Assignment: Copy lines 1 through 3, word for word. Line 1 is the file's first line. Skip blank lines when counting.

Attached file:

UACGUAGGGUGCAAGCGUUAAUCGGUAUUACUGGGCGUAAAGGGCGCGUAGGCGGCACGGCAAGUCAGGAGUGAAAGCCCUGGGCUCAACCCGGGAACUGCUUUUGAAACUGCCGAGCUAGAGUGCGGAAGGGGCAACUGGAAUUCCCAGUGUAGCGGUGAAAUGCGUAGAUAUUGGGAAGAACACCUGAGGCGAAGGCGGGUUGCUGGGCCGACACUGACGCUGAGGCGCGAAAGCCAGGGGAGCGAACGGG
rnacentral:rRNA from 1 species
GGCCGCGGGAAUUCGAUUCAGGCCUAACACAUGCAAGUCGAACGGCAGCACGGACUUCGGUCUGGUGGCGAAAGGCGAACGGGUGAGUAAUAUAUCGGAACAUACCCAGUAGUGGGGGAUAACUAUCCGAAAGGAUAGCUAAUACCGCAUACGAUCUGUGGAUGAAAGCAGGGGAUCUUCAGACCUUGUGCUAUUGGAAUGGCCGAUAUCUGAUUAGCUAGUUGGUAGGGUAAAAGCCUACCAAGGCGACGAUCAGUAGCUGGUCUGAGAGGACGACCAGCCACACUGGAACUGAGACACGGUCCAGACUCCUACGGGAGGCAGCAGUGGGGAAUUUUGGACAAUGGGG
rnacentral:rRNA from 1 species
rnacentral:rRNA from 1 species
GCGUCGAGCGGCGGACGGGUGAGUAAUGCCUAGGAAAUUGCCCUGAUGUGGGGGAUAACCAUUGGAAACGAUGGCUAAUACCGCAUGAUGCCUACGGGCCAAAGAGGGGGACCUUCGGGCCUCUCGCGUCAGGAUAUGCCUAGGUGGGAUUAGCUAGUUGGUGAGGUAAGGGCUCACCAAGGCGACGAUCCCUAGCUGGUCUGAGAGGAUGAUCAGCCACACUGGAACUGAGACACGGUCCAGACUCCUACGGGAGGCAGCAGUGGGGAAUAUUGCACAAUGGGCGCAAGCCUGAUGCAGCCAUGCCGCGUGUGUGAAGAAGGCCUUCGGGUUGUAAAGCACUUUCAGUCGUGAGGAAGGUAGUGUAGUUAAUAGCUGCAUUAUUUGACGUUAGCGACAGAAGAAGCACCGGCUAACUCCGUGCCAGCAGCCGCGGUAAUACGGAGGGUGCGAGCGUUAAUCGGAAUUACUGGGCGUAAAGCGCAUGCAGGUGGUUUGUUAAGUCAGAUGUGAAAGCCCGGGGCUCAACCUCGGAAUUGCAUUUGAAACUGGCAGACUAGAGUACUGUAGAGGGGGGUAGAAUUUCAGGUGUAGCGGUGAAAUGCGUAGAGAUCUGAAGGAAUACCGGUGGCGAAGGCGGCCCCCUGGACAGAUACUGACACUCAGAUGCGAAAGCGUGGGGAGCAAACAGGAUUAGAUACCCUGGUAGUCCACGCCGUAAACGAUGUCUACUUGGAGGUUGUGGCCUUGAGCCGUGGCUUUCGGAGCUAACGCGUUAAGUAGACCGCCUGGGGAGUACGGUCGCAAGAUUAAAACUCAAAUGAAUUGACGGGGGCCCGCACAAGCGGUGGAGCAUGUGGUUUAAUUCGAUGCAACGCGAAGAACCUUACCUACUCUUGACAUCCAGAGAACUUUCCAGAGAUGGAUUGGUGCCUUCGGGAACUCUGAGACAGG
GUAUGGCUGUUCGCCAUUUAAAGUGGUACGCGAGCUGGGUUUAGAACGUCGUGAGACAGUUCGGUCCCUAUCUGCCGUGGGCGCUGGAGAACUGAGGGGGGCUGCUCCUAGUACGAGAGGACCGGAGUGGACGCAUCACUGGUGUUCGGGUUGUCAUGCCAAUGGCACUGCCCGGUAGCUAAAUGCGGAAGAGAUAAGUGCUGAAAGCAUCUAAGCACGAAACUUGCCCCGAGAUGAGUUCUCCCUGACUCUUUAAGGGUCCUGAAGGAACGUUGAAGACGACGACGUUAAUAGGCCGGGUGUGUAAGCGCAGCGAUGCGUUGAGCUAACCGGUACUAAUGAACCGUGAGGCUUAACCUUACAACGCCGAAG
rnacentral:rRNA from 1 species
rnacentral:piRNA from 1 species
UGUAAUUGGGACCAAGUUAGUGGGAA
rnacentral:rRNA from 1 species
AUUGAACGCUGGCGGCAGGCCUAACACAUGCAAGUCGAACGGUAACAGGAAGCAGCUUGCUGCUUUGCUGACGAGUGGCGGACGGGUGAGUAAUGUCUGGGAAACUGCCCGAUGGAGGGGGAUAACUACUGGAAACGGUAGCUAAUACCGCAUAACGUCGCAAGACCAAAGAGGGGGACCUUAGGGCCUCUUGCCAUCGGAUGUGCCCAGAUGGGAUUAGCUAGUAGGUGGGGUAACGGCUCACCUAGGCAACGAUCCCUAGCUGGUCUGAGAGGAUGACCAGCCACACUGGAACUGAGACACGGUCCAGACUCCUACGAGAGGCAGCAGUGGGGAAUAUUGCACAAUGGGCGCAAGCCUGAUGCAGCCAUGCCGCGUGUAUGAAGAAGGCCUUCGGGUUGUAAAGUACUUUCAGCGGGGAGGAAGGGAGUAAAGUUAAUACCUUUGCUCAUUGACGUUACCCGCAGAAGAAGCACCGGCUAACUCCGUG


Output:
UACGUAGGGUGCAAGCGUUAAUCGGUAUUACUGGGCGUAAAGGGCGCGUAGGCGGCACGGCAAGUCAGGAGUGAAAGCCCUGGGCUCAACCCGGGAACUGCUUUUGAAACUGCCGAGCUAGAGUGCGGAAGGGGCAACUGGAAUUCCCAGUGUAGCGGUGAAAUGCGUAGAUAUUGGGAAGAACACCUGAGGCGAAGGCGGGUUGCUGGGCCGACACUGACGCUGAGGCGCGAAAGCCAGGGGAGCGAACGGG
rnacentral:rRNA from 1 species
GGCCGCGGGAAUUCGAUUCAGGCCUAACACAUGCAAGUCGAACGGCAGCACGGACUUCGGUCUGGUGGCGAAAGGCGAACGGGUGAGUAAUAUAUCGGAACAUACCCAGUAGUGGGGGAUAACUAUCCGAAAGGAUAGCUAAUACCGCAUACGAUCUGUGGAUGAAAGCAGGGGAUCUUCAGACCUUGUGCUAUUGGAAUGGCCGAUAUCUGAUUAGCUAGUUGGUAGGGUAAAAGCCUACCAAGGCGACGAUCAGUAGCUGGUCUGAGAGGACGACCAGCCACACUGGAACUGAGACACGGUCCAGACUCCUACGGGAGGCAGCAGUGGGGAAUUUUGGACAAUGGGG